Preventing the End of the World

The world is shrinking. One can hardly go a day without hearing about events in Iraq, Afghanistan, South Korea, or Israel. Recently leaders from around the world gathered in New York for President Clinton's Global Initiative Conference to discuss the challenges we face. Pastor and Leadership's editor-at-large Gordon MacDonald was there.

I was recently invited to the Clinton Global Initiative Conference in New York City by the former president. As far as I know only a handful of evangelicals were present among approximately 1,000 political, business, and cultural leaders.

The CGI Conference is a crossroads of ideas and networking to reduce cultural and political barriers that separate human beings and create the grounds for conflict and disaster. Panel topics included (1) Energy and Climate Challenge; (2) Global Health Issues; (3) Poverty Alleviation; and (4) Mitigating Religious and Ethnic Conflict. They were populated by people like Archbishop Desmond Tutu, Al Gore, Jimmy Carter, Colin Powell, Rupert Murdoch, Paul Farmer, Kofi Annan, Hamid Karzai, Pervez Musharraf, Bill Gates, and Paul Kagame (president of Rwanda). And I have named only a few.

Amazingly, there was little energy spent on politics. Rather there was an incredibly serious tone, a clear awareness that the world is in greater trouble today than it has ever been.

Some (like the King of Jordan) spoke of the widening rift between the Muslim world and the West in almost prophetic tones. The two cultures are misunderstanding each others' hurts and aspirations.

Climate change, fresh outbreaks of disease, the lack of basic community health (clean water, vaccines, etc.) are all contributing to a growing frustration that threatens the stability of the entire world. Despite the drastic situation there was a streak of optimism. Perhaps that was because the people at the conference are all entrepreneurs, can-do people who choose to see the opportunities that crisis creates. There was little hand-wringing and a lot of innovative thinking.

I know, all too well, that Bill Clinton is a polarizing name among many Christians. My association with him over these years has lost me any number of friends. Personally, I grew to love him and greatly care for him in the years that I served as a personal adviser. I recall many conversations we had about his post-presidency and the priorities for this period of his life. Since leaving office he has used his amazing ability to convince people of wealth to see their social responsibilities.

October 10, 2006

Displaying 1–10 of 32 comments

Cindy

November 06, 2006  2:16am

Dear Gordon MacDonald, I read your article with much interest. It seems you are touching on an issue that many Christian leaders are being confronted with in recent years. Is Jesus Christ, indeed, the only way of salvation–our only hope for eternal life? Your article left me wondering where you stand on this issue at this point in your life? Is it possible for you to write a follow-up article? Thank you for your time and consideration.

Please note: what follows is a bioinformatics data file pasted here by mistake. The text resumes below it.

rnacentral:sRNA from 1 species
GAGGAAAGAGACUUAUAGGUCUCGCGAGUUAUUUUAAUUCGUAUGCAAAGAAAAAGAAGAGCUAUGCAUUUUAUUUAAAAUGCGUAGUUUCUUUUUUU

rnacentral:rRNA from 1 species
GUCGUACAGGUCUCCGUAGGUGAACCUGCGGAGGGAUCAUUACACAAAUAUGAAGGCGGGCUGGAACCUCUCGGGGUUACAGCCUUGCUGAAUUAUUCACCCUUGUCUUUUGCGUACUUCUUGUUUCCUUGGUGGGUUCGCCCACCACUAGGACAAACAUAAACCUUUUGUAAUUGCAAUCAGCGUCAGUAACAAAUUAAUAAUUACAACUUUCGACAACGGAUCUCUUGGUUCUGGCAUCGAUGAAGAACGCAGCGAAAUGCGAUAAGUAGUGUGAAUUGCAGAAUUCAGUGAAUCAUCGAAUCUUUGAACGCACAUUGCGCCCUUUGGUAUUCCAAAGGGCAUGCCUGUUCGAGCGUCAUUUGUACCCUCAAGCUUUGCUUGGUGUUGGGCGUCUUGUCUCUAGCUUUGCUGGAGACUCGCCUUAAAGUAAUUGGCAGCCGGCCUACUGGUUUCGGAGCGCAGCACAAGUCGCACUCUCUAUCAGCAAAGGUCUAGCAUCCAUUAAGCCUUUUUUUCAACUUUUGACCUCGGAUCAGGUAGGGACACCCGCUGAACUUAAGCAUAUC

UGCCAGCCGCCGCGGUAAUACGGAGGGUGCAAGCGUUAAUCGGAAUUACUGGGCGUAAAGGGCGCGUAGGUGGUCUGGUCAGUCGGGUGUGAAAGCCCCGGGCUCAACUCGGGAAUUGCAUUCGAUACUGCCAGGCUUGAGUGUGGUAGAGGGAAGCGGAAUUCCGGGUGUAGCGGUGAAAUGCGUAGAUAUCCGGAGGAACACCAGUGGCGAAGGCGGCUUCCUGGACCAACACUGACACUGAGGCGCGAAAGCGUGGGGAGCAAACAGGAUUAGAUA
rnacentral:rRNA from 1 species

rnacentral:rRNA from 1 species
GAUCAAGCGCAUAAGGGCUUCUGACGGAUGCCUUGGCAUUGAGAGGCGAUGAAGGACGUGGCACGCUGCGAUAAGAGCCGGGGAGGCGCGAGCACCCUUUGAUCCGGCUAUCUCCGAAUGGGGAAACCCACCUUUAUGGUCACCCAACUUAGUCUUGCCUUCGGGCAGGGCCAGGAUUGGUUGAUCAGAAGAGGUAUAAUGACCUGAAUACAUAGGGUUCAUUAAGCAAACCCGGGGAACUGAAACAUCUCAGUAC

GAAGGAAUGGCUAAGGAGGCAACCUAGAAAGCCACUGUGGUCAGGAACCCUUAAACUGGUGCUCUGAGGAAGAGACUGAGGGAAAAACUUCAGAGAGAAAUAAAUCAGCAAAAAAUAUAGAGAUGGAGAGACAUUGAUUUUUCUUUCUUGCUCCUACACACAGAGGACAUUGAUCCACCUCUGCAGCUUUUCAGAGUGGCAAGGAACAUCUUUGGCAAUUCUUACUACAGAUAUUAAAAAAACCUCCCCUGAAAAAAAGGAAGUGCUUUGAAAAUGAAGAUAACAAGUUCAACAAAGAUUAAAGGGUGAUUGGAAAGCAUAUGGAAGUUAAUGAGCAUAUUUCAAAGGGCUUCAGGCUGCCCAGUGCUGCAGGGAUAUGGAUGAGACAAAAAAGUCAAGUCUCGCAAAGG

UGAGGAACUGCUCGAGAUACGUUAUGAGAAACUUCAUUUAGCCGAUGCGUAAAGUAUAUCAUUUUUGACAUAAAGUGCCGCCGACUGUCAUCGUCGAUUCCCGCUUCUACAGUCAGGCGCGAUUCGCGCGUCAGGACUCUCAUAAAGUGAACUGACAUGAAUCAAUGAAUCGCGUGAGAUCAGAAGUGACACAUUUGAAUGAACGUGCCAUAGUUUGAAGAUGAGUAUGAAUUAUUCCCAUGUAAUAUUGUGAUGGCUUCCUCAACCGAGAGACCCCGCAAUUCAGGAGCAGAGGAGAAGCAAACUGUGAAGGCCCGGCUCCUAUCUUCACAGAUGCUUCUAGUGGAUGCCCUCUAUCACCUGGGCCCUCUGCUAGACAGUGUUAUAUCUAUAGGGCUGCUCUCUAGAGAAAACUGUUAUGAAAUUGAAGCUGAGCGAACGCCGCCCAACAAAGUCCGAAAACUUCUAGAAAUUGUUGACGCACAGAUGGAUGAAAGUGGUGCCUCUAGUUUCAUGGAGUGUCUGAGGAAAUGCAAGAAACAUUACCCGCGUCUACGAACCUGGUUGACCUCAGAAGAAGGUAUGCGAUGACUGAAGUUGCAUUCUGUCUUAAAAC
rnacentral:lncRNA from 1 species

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Gary Sweeten

October 26, 2006  5:31am

Hyperbole does seem to sell but to say that we are in greater danger today than ever is a bit far fetched. Does anyone remember WWII? The Cold War with a thousand atomic warheads aimed at us and a thousand aimed at Russia? This article reads like Miss America contestants who suddenly discover world poverty, war and religious strife and wants to do something NOW. The writing is junior high level rhetoric with plenty of earth day earnestness thrown in. If this is the deep thinking that will "save the earth" no wonder Evangelicals are not invited to such conferences. Mr. MacDonald was impressed with their "seriousness" but that is a problem of their narcissm. They and he really believe they can "save the earth" with 7.2 billion dollars and that is a serious misunderstanding of reality. Mr. Clinton had many opportunities to do more good to change the world scene while President for eight years but squandered it with poor decisions and misunderstandings about how to deal with terror. He cannot make up with a few billion in donations what he missed when he controlled trillions of dollars in the US treasury.

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Nathan

October 21, 2006  11:25am

I am concerned that there is some fear at work here of "one world government," based on a prophecy whose filfillment will undoubtedly baffle us anyway, that is preventing the practical recognition that the way to become better citizens of the world right now is to become interconnected and to realize that the hunger and suffering of people around the world is deeply related to ours, materially and spiritually. That phrase has become a tricky piece of jargon used to dismiss really powerful and important initiatives like the one described here. It is wonderful to read the concern for the people of the world in these comments. Maybe we should remember the Jesus's common-sense stand against suffering in the face of religious rules when he healed on the Sabbath. I wonder if that can be a useful image for us to take forward.

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Oliver McKeithan

October 21, 2006  6:47am